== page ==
Although mHealth interventions have improved adherence and glycemic control among adults with T2D [55, 56], engaging family members in these interventions remains understudied. To our knowledge, the only other mHealth intervention involving a patient-selected family member/support person for adults with T2D is mHealth + CarePartner [57, 58]. Both mHealth + CarePartner and FAMS were designed to be inclusive of patients who live alone, recruit from community clinics, and provide tailored mobile communications to an adult family member/friend. However, there are key differences between Piette et al.’s  approach to engaging a support person and our own. CarePartners receive weekly information about the patients’ health status along with tailored advice about how to help. In contrast, FAMS does not provide information about patients’ progress to SPs but rather aims to empower the patient to identify and communicate support needs. Lessons learned from FAMS and mHealth + CarePartner will improve future efforts to involve meaningful others in adults’ T2D self-management.
5.2. Strengths and Limitations of Our Approach
We enrolled a small convenience sample with no control group and users experienced the intervention for a brief time, limiting our understanding to participants’ anecdotal accounts and short-term engagement data. “Down time” was required for troubleshooting technical bugs, making fixes/improvements, and adding new functionality. As a result, we had to wait between each development phase and paused recruitment between rounds of usability/feasibility testing. These necessary and inevitable occurrences—rarely accounted for in study planning or funding schedules—nearly doubled the length of FAMS development and testing. However, similar “down time” during an evaluative trial would have been much more problematic and costly. Because identifying and fixing bugs are inevitable with mHealth interventions, we stress the importance of starting rigorous multiround testing early in the design/development process rather than waiting until the intervention is developed and functioning properly to allow users to experience it. More time and energy in these phases likely pay off with faster evaluative trials with more engagement, less attrition, and fewer study limitations associated with functional problems . Such work is especially critical when designing mHealth interventions for underserved and disadvantaged patients.
The content is solely the responsibility of the authors and does not necessarily represent the official views of the NIH.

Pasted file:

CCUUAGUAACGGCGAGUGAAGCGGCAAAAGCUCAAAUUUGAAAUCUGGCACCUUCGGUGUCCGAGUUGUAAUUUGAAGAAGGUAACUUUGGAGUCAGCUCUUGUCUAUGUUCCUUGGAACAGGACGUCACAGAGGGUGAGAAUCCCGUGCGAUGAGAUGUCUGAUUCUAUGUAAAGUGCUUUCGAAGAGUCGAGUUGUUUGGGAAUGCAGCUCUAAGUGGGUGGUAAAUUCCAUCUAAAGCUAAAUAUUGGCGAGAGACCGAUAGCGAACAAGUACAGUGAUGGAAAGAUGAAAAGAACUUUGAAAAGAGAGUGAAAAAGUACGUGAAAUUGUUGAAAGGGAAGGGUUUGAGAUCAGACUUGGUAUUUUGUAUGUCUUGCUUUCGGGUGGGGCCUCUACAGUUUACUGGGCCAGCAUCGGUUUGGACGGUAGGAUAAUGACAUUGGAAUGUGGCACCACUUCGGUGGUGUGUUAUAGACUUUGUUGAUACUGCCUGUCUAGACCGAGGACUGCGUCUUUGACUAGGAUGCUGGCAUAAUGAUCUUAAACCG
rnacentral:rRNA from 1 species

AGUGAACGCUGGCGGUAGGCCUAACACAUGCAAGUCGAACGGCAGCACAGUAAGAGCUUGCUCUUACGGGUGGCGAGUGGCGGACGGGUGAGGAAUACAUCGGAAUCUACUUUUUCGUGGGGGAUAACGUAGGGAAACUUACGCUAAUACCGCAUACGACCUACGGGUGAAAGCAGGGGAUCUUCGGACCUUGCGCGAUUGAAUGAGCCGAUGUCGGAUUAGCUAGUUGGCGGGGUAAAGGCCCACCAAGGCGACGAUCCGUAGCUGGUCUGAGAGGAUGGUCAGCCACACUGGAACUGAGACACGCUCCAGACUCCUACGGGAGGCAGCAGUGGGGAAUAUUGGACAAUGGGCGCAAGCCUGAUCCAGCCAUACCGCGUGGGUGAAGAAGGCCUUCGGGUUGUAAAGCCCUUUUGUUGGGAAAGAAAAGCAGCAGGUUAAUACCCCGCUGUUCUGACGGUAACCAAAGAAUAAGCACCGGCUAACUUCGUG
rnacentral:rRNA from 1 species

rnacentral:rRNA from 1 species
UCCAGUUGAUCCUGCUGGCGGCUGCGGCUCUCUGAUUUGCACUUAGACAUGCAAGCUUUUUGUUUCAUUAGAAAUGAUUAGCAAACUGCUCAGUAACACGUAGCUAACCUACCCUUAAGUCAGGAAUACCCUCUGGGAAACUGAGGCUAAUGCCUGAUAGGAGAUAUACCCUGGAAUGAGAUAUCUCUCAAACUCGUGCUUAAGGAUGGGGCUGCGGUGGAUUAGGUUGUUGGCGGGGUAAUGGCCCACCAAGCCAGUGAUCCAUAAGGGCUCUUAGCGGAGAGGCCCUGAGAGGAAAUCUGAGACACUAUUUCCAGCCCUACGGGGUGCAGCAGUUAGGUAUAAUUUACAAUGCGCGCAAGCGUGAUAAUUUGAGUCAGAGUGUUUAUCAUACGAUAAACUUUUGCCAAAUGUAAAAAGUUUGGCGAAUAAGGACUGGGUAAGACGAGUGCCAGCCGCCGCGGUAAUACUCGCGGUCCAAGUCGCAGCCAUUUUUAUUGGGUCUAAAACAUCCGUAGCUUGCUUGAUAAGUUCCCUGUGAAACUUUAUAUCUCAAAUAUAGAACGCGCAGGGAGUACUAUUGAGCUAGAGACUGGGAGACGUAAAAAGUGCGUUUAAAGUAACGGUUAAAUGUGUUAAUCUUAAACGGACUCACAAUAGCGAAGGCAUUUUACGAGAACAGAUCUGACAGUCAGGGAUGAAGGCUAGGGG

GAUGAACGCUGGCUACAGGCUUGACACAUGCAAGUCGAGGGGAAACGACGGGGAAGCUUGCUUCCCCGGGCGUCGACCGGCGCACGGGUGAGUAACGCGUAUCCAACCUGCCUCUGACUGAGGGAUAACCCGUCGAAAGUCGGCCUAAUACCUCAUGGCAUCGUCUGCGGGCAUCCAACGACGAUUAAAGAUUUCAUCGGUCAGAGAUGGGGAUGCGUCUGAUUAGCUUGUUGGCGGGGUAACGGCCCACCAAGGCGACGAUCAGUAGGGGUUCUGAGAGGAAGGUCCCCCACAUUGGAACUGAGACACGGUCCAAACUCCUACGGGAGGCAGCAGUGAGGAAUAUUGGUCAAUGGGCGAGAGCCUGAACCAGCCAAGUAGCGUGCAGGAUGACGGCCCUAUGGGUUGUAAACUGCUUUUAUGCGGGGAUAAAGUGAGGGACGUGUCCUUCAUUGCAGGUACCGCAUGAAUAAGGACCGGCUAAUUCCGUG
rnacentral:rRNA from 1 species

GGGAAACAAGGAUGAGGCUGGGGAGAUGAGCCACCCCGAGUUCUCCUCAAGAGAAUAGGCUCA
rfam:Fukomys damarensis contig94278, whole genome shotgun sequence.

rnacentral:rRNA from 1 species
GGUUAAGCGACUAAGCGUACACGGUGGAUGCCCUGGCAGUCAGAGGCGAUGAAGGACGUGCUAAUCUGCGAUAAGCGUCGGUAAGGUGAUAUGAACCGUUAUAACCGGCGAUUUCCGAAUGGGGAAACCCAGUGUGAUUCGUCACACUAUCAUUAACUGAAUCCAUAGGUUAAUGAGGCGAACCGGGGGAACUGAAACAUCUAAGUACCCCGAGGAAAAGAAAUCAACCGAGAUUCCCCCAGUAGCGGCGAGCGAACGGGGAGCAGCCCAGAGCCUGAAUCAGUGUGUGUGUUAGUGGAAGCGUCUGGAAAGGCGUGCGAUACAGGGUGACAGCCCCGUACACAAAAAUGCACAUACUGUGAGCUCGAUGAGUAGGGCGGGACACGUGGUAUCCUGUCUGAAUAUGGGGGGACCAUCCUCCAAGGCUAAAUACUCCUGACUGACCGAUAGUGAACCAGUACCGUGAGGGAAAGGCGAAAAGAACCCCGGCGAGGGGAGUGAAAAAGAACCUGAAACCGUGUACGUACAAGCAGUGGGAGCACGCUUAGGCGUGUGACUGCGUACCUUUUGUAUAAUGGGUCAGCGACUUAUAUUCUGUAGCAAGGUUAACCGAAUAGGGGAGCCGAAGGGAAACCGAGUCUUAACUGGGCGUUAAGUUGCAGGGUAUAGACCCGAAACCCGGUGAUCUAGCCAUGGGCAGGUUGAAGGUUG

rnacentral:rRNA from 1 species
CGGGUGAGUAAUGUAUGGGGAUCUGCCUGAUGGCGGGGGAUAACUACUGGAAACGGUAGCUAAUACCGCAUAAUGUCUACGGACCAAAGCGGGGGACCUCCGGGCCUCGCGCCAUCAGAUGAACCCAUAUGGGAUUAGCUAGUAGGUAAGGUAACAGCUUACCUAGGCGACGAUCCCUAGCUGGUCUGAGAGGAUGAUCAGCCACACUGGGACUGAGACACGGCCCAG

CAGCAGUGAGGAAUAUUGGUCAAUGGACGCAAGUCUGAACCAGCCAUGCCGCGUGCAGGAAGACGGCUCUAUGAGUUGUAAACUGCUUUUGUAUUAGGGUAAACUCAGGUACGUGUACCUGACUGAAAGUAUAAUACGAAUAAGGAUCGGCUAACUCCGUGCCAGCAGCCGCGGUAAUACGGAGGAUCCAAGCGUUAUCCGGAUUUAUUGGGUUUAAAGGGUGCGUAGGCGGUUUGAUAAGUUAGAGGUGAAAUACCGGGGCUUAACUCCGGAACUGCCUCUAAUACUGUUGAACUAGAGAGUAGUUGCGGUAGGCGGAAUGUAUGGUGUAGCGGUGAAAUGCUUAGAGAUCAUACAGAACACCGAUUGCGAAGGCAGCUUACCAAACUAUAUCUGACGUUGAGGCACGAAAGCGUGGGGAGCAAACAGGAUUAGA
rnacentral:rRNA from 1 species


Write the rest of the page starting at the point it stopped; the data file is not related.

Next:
The authors declare that they have no competing interests.
Lindsay Satterwhite Mayberry designed the study, developed research protocols, directed analyses, and wrote the manuscript. Lindsay Satterwhite Mayberry and Kryseana J. Harper codeveloped FAMS coaching protocols and text message content. Kryseana J. Harper managed the study, conducted most coaching, assisted with analyses, and drafted subsections and edited the manuscript. Cynthia A. Berg and Chandra Y. Osborn guided study design and wrote portions of and edited the manuscript.
The authors would like to thank the Federally Qualified Health Centers—University Community Health Services, Faith Family Medical Center, and the Clinic at Mercury Courts—and Drs. Shari Barkin, Jeffrey Gonzalez, Kerri Cavanaugh, Tom Elasy, and Russell Rothman for assisting with text content and informed consent revisions in response to the adverse event. This study was funded by the National Institute of Diabetes and Digestive and Kidney Diseases (NIDDK) through Dr. Mayberry’s Pilot and Feasibility Award from the Vanderbilt Center for Diabetes Translational Research [P30DK092986, PI: Elasy] and Dr. Mayberry’s Career Development Award [K01DK106306]. Dr. Mayberry was also supported by the Agency for Healthcare Research & Quality [K12HS022990, PI: Penson]. The Vanderbilt Institute for Clinical Translational Research [National Center for Research Resources, Grant UL1 RR024975-01, now at the National Center for Advancing Translational Sciences, Grant 2 UL1 TR000445-06] supported this project via the Community Engagement Studio and REDCap. Dr. Berg was funded by the NIDDK (R01DK092939, DP3DK103999) while preparing this article. Dr. Osborn was funded by the NIDDK (K01DK087894, R01DK100694) while preparing this article.